McGuireWoods has published additional thought leadership related to how companies across various industries can address crucial COVID-19-related business and legal issues, and the firm’s COVID-19 Response Team stands ready to help clients navigate urgent and evolving legal and business issues arising from the novel coronavirus pandemic.

Defense Arguments, FCA Litigation

Sixth Circuit Holds Qui Tam Plaintiff a Government “Agent” for Public-Disclosure Bar

A recent Sixth Circuit opinion continues to “snuff [ ] out parasitic suits” brought under the False Claims Act (“FCA”) through the public-disclosure bar.  In U.S. ex rel. Holloway v. Heartland Hospice, Inc. (June 3, 2020 opinion), the court affirmed the lower court’s entry of summary judgment in favor of a hospice provider on grounds that the relator’s claims were barred in light of prior public disclosures of the underlying allegations contained in the complaint.  The Holloway court’s holding is significant in that it found that relators can be the Government’s “agent” for purposes of the public-disclosure analysis, even when the Government declines to intervene.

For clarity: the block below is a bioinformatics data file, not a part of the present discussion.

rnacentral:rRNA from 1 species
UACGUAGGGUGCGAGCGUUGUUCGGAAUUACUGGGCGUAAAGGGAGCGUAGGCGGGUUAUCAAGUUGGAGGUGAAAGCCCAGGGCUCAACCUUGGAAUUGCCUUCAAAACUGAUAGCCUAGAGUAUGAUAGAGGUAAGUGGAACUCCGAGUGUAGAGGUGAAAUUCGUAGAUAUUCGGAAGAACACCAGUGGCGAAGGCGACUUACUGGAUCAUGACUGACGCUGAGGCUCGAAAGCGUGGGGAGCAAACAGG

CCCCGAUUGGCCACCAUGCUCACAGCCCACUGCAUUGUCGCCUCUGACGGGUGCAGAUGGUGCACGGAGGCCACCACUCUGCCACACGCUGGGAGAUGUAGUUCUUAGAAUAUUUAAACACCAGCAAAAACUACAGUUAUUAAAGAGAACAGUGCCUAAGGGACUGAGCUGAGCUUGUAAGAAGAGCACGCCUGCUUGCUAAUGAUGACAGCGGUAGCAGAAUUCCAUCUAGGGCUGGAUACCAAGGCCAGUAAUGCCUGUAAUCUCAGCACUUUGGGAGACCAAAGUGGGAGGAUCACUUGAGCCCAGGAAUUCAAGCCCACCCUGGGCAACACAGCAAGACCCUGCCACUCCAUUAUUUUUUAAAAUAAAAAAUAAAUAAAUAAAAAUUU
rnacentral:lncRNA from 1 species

The relator in this action, Holloway, was a former hospice employee who sued Heartland Hospice and related entities (“Heartland”) under the FCA alleging that Heartland engaged in a fraudulent scheme wherein patients were recruited and kept in hospice care, despite the fact that many of these patients were not terminally ill.  According to Holloway, clinicians were trained to document patient care using language specifically designed to ensure hospice eligibility (e.g., “new episodes of chest pain”; “shortness of breath”; “refusing meals”). Holloway also accused Heartland of misleading Medicare auditors by simply failing to respond to audit requests, resulting in a minor penalty, rather than answering audits honestly and risking the discovery of the entire scheme.